By Cameron Buford, whatsgoodinsports.com

With an entirely new coaching staff, the Los Angeles Chargers OTA’s (Organized Team Activities) take on a different importance. Not only do they have to overcome COVID 19 restrictions, but they would also need to mix that limited classroom coaching with on-the-field walk-throughs. It’s yet to be proven how this process will help galvanize the team and lead to wins, there’s no question about how Brandon Staley and his new Coaching Staff are attacking this process.

When asked about their intention going into the “The opportunity to really communicate in person with your guys and be able to compete with them in a meeting room standpoint. Especially on defense, we meet a lot, as a back seven group, as if we were playing the game together. We’re able to see things the same way and create that cohesiveness, that chemistry, that really wins the day on game day. When you’re in person, you can do that a lot better than when we’re on Zoom. On Zoom, we try to replicate it as best as we can, but you really get a feel for someone’s personality and their style when you’re in person. Today, being able to kick that off, it felt a lot more like the environment that I’m used to. I felt like our guys really excelled as the day went.”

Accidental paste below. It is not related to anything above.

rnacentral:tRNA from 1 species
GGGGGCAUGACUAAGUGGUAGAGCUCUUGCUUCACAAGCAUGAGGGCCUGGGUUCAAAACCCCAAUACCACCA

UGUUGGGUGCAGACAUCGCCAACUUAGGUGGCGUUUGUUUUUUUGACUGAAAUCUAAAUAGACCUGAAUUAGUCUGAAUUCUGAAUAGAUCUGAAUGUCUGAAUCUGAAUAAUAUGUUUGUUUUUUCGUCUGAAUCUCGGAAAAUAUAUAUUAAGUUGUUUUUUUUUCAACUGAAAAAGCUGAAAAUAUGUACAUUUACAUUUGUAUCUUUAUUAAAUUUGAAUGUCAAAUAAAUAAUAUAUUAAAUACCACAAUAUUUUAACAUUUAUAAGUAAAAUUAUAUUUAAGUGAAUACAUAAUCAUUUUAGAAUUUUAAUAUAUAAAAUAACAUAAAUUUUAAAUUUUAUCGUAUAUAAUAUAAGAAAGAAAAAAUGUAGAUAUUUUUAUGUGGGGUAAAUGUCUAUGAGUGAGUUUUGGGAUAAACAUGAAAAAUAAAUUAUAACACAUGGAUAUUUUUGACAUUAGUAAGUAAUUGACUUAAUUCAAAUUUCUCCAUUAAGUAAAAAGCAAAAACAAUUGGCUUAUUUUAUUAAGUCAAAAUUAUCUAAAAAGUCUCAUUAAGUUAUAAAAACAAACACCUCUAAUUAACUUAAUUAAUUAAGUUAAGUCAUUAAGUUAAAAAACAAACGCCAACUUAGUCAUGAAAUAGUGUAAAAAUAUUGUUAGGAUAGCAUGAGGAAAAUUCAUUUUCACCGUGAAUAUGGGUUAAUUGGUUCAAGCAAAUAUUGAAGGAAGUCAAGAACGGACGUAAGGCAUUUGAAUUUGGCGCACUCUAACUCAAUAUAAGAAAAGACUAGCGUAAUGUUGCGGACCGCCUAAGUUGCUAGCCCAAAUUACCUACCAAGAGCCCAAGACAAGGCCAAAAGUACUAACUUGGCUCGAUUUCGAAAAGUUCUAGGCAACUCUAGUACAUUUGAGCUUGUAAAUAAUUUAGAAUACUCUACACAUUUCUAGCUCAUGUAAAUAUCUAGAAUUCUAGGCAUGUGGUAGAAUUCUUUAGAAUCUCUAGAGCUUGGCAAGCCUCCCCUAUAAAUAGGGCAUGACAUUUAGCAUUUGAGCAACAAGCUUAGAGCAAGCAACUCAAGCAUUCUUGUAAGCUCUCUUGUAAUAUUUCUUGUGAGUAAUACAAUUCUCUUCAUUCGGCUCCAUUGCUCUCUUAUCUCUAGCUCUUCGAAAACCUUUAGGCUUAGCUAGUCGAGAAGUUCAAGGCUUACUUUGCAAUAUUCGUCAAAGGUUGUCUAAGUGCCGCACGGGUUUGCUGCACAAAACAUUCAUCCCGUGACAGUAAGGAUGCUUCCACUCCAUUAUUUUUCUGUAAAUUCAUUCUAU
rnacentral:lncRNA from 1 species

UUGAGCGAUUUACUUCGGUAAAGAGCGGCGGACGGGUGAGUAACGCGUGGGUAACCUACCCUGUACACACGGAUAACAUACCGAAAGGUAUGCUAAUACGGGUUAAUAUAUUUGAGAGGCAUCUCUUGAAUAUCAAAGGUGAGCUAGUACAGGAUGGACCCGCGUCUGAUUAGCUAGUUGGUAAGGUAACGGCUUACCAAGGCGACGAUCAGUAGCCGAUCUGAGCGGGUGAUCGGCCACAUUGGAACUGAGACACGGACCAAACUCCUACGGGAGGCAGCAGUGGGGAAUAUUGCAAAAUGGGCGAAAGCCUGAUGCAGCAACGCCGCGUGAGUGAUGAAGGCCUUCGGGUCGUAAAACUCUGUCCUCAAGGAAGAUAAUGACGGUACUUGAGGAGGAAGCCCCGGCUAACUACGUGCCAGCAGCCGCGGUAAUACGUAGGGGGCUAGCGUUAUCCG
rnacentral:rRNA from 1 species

Along with developing a new Coaching Staff, Coach Staley and his staff have also developed a leadership council for this team. In his own words, Coach Staley describes the importance of this leadership team, “Being brand new as a coaching staff and learning everybody, which is brand new on both sides, if you want to be a relationship-oriented team, then you need to put your money where your mouth is. We wanted to engage them fully in the process. When I got hired here with the Chargers, I talked to [General Manager] Tom [Telesco], [President of Football Operations] John [Spanos], [Executive Vice President of Football Administration/Player Finance] Ed McGuire, [Owner and Chairman of the Board] Dean [Spanos] and shared my vision for what the offseason would look like. I learned a lot last offseason, and I felt like if there’s a middle ground, a blend in sports performance, and if you listen to the players, the big thing that the players have a real issue with is 11-on-11 with no pads and the competitive one-on-ones with no pads and the risk that it puts them in. It compromises them, from a player safety standpoint. We felt like, coming into this spot, that we could really show that our model is one that hopefully people can follow throughout the NFL, which is when we’re in individual and we’re with our sports performance staff, we’re going full speed and we’re working at our craft because that’s what players do; work at your game full speed. But then, we want to avoid all of those possibilities in one-on-ones and in competitive 11-on-11s. We’ve eliminated that. All of our 11-on-11 is pure walk-through. What we’re trying to do is create that same game-like mental intensity, ‘playing a game,’ but without doing so physically. Our guys’ health is at the center of everything that we’re doing. Hopefully, we took a step in the right direction today.”